How Long

by Matthew Stollak on Monday, November 14, 2011

In today's wonderful edition of The Cynical Girl, Laurie Ruettimann cites that 82% of recruiters find evidence of discrimination against the employed.

This brings up the following conundrum:

1.  If recruiters and employers are not looking at the unemployed to fill vacancies, they must be looking at job seekers who are currently desiring to leave their current position, or trying to entice those who may be content at their current job.

2.  Wages have stagnated for the past 30 years....see graph:

So, riddle me this Batman, how are vacancies being filled if higher real wages aren't increasing.  Or, is the only way to get a wage increase in today's economy is to switch jobs with the expectation, that once the job is secured, one is unlikely to see significant increased in salary for several years?  Is pay compression (or even pay inversion) the "new normal?"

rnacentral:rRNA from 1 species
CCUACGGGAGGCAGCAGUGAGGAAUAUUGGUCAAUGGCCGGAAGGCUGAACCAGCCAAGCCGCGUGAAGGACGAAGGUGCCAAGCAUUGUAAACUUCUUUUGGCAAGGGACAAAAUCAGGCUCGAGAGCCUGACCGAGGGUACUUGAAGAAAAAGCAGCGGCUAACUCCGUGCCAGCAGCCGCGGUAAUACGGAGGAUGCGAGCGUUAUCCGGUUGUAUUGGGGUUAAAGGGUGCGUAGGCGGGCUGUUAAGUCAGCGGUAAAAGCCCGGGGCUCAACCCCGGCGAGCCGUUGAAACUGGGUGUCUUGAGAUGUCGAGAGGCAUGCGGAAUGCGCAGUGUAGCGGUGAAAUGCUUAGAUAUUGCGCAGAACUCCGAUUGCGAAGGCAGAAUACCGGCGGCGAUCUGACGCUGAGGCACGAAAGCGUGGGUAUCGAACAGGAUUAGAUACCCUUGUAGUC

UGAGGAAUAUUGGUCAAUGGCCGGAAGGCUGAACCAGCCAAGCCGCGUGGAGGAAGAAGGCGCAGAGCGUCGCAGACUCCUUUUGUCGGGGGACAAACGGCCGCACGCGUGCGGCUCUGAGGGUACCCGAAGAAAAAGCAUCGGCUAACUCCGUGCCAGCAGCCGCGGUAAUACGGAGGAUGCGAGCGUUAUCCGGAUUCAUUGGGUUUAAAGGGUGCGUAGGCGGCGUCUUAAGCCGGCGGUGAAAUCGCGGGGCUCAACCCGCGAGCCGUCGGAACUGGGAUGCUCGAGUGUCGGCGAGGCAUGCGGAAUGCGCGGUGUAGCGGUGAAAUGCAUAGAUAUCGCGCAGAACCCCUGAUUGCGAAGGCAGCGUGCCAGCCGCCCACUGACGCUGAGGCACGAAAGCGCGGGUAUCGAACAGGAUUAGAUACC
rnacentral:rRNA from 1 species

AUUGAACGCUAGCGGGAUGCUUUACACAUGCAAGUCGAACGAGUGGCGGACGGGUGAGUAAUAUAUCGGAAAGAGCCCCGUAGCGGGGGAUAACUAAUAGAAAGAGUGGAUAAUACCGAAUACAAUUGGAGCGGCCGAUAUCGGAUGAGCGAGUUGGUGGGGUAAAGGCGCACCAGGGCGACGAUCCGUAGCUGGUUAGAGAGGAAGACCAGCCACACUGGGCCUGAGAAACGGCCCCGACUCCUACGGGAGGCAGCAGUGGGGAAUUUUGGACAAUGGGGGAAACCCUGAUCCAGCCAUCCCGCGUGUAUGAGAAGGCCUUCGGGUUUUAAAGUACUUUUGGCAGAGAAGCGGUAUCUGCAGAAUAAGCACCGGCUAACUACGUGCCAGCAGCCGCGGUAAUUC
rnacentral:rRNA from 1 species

Sadly, I think you are right in that the only way to increase one's own wage is to switch jobs. I see this within my own organization. Given the reductions in pay we went through, I am making less now than I was 2 years ago and the only way I will be able to change that is to leave. Medicaid reimbursements are not getting bumped back up and could even take another hit depending on the super committee's actions in DC.

by Bradley on November 14, 2011 at 10:02 PM. #

Should the CPI adjusted average change though? Every year people retire (presumably your higher wage earners), and new people enter the workforce at lower wage levels. With the baby boomers beginning to retire, I would actually expect that number to drop. College grads aren't commanding that much higher of a salary today than what they were when I entered the workforce several years ago.

That being said, there are definitely certain fields where wage compression is a very real problem. I am lucky to work for a company that keeps that in the forefront and makes one-time or broad based adjustments where they are warranted. Those employers that don't are already at risk of losing their high peformers, never mind when the balance shifts again to be an employee's market rather than the employer's market that it is now. As your other blog post noted, discrimination against the unemployed is a very real thing. Companies are keeping their good people - and those are the ones we want!

by Jennifer G. on November 30, 2011 at 9:53 AM. #

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